By Joseph Lord
Sen. Joe Manchin (D-W. Va.) says he is opposed to Majority Leader Chuck Schumer’s (D-N.Y.) proposal to change Senate rules in order to pass legislation that would federalize elections, striking another blow to Democratic aspirations to overrule tightened election measures in state houses across the nation.
In a statement released to his Twitter on Monday, Schumer attempted to tie GOP opposition to federal election bills to the Jan. 6 “domestic extremists” who, Schumer contended, tried to “destroy our Republic.”
“Domestic violent extremists sought to inflict chaos and violence. Fueled by conspiracy and the ravings of a vengeful former President, they sought to destroy our Republic,” Schumer told his Senate Democratic colleagues in a Jan. 3 Dear Colleague letter.
Hoping to bypass the opposition of all 50 GOP senators to the bill, Schumer proposed that Democrats should use the “nuclear option,” which in U.S. legislative parlance describes a pathway to change Senate rules with a simple majority vote, in order to advance election legislation.
“I’ve always been for rules being done the way we’ve always done,” Manchin said when asked about Schumer’s proposal. “Being open to a rules change that would create a nuclear option, it’s very, very difficult.”
“Any time there’s a carve out, you eat the whole turkey,” Manchin quipped, referencing potential dangers that could come from liberally using the nuclear option. “The Senate as it has operated for 232 years is an extremely, extremely high bar that we must be very careful before crossing,” Manchin argued.
Manchin also said that he preferred that any election legislation or rule changes should be acceptable to both Republicans and Democrats, and indicated that a bipartisan solution to the concerns of both Republicans and Democrats could be found.
Manchin’s opposition to the proposal is unsurprising.
Following the results of the 2020 election, when it was clear that Democrats would just squeak by to win the Senate, Manchin took to Fox News, where he promised viewers that he would defend the filibuster and would oppose any Democratic partisan effort to neuter the system.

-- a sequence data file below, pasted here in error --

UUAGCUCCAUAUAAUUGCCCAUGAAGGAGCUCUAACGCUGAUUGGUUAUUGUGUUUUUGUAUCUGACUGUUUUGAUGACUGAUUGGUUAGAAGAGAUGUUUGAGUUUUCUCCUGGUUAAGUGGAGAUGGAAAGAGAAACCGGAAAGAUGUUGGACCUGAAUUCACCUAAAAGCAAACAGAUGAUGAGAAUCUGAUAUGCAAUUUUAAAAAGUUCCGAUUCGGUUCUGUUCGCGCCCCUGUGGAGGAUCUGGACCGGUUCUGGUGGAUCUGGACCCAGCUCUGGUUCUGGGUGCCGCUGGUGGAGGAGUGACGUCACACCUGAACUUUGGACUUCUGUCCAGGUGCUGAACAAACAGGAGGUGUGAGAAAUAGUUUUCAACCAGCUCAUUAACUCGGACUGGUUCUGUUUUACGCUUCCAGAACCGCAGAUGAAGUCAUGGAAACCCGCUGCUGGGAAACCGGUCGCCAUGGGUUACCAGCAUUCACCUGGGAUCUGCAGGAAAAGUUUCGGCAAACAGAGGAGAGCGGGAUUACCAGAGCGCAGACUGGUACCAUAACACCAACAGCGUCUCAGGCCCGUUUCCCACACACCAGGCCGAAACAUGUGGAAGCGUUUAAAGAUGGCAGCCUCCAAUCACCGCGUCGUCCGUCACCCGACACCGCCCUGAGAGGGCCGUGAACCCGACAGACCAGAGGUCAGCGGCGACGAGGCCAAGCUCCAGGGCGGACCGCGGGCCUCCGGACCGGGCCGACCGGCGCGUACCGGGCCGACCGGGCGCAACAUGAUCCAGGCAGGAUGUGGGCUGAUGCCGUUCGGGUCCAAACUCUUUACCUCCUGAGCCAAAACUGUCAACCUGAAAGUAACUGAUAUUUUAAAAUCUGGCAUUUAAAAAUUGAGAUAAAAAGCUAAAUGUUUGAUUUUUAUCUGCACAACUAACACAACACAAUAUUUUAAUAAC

Over the course of 2021, Democrats suggested changing the filibuster to pass election bills several times, but Manchin has said consistently that he would not support any major rule change. During the debt ceiling crisis, which posed a far more immediate risk to the nation, Manchin again rejected any major rule change to raise the debt ceiling.
After the 2020 election left millions of Americans concerned over the integrity of U.S. elections, state houses across the nation began to pass laws to tighten election integrity. Though these laws have taken different forms across different states, several measures have in common provisions to require or tighten voter ID laws, to limit absentee balloting, and other measures designed to ensure that only eligible citizens vote.
Since they took power in the 117th Congress, Democrats have persistently sought to pass wide-reaching legislation to counter these laws, which they have decried as a “new Jim Crow,” claiming that the bills are designed to disproportionately affect minorities.
In Brnovich v. Democratic National Convention (DNC), the Supreme Court heard arguments from the DNC to this effect: The DNC claimed that Arizona’s tightened voter laws, including restrictions on absentee balloting and other measures, constituted illegal discrimination under the 1965 Voting Rights Act; Arizona Attorney General Mark Brnovich protested this claim.
Ultimately, the court sided with Brnovich, ruling that the most common election integrity measures do not disproportionately affect minorities.
Still, Democrats have tried on several occasions to bypass the Supreme Court’s ruling and the will of state houses across the nation with wide-ranging election bills that would effectively give the federal government control over elections.
Despite several proposals and suggested compromise bills, GOP senators have staunchly opposed legislation that would take control over elections away from states, and have backed up these concerns by filibustering several different election bills.
Now that Manchin has come out against the proposal, there is little hope that Democrats’ newest scheme to federalize elections will come to fruition.
Mark Tapscott contributed to this report.